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Korea’s DMZ: haven of wildlife

The buffer zone that separates North and South Korea, better known as the DMZ (Demilitarized Zone), is known for its great ecological biodiversity. It is home to a great number of wildlife species including 798 plants and 1,355 mammals as well as encompassing a rich diversity of landscape from river areas to lush greenery.

Recently, some 30 endangered species have been discovered including the Lycaena dispar and Korean crevice salamander in an investigation of the Northeastern CCL (Civilian Controlled Line) carried out in 2012, according to a recent statement by the Ministry of Environment (ME) and the National Institute of Environmental Research (NIER) released on July 16. The findings also include five level one endangered species -- Siberian musk deer, Amur goral, Eurasian otter, white-tailed eagle, and golden eagle -- and 25 level two species -- yellow-throated marten, Siberian flying squirrel, and northern goshawk.

Lycaena dispar, a globally endangered species, inhabits the DMZ (photo courtesy of the ME).

Lycaena dispar, a globally endangered species, inhabits the DMZ (photo courtesy of the ME).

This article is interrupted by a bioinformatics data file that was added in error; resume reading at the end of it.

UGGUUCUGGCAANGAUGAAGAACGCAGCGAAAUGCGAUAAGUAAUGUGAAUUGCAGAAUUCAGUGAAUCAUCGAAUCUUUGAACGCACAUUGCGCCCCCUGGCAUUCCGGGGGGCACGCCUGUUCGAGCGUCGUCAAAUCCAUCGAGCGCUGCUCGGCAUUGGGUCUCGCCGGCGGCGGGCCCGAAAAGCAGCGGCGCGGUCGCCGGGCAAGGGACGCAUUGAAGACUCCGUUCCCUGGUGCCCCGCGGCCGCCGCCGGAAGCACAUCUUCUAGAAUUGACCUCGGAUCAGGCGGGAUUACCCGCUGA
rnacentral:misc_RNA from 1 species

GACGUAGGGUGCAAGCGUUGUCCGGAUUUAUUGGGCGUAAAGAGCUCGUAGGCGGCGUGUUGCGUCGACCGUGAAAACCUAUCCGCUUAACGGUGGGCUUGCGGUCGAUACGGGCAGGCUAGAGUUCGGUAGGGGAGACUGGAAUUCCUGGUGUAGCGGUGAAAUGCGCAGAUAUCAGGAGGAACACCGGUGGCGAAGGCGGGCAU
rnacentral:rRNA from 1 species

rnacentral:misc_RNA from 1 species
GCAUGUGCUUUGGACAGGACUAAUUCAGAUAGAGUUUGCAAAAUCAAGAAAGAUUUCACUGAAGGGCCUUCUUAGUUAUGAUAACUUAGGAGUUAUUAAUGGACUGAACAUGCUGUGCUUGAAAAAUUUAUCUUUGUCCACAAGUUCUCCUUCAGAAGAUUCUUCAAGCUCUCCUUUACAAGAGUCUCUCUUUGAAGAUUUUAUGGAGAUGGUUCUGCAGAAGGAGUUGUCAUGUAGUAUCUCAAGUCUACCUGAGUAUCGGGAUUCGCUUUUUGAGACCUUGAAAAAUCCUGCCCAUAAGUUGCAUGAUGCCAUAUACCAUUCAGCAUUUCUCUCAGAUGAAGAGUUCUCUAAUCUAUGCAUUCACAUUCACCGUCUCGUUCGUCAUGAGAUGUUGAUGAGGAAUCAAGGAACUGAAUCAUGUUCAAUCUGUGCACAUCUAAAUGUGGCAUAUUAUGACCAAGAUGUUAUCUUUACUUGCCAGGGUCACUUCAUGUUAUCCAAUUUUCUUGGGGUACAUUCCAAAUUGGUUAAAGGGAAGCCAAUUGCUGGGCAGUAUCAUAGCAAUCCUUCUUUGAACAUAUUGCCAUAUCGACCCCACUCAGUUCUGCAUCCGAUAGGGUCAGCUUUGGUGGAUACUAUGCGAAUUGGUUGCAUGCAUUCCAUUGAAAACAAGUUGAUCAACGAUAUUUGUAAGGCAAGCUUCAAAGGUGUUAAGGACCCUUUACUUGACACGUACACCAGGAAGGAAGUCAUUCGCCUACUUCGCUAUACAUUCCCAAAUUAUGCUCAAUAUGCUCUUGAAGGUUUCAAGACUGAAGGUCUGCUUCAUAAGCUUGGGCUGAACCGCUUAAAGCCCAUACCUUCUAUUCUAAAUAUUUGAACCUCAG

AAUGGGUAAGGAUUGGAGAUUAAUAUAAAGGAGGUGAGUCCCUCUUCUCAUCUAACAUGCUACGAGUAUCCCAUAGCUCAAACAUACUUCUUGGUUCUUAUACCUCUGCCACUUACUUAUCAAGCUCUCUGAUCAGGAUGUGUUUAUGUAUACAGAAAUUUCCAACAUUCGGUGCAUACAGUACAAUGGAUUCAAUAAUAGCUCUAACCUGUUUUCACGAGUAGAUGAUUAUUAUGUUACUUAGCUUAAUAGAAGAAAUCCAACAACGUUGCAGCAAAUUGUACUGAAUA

The Korean crevice salamander is native to and an endemic species of Korea (photo courtesy of the ME).

The Korean crevice salamander is native to and an endemic species of Korea (photo courtesy of the ME).


The Siberian musk deer is one of the endangered species inhabiting the DMZ (photo courtesy of the ME).

The Siberian musk deer is one of the endangered species inhabiting the DMZ (photo courtesy of the ME).


The Siberian musk deer was dispersed nationwide in the past but only a few seem to survive these days in the DMZ and parts of the CCL, raising concerns that it should be properly protected.

Excellent forest preserves among the investigation areas were found to be Baekseoksan in Yanggu, Daeamsan and Daewusan both in Inje, and Hyangrobong area in Goseong, where seven species of mammals and eleven endangered bird species keep stable inhabitancy including the Siberian musk deer, amur goral, golden eagle, and northern goshawk. Baekseoksan is found to be one of the rare regions, along with the DMZ and Baekamsan in Hwacheon, where Siberian musk deer are found.

This investigation also found for the first time that Goseong’s Hyangrobong is the northernmost point where the Korean crevice salamander lives, a species previously found only around the Gyeryongsan region.

“This investigation re-confirms that the DMZ is a rich repository of biodiversity and a haven for endangered wildlife,” said a member of the Ministry of Environment. “This will provide a basic source for future plans for ecological preservation and registration of the DMZ in the UNESCO Biosphere Reserve.”

By Wi Tack-whan, Lee Seung-ah
Korea.net Staff Writers
whan23@korea.kr

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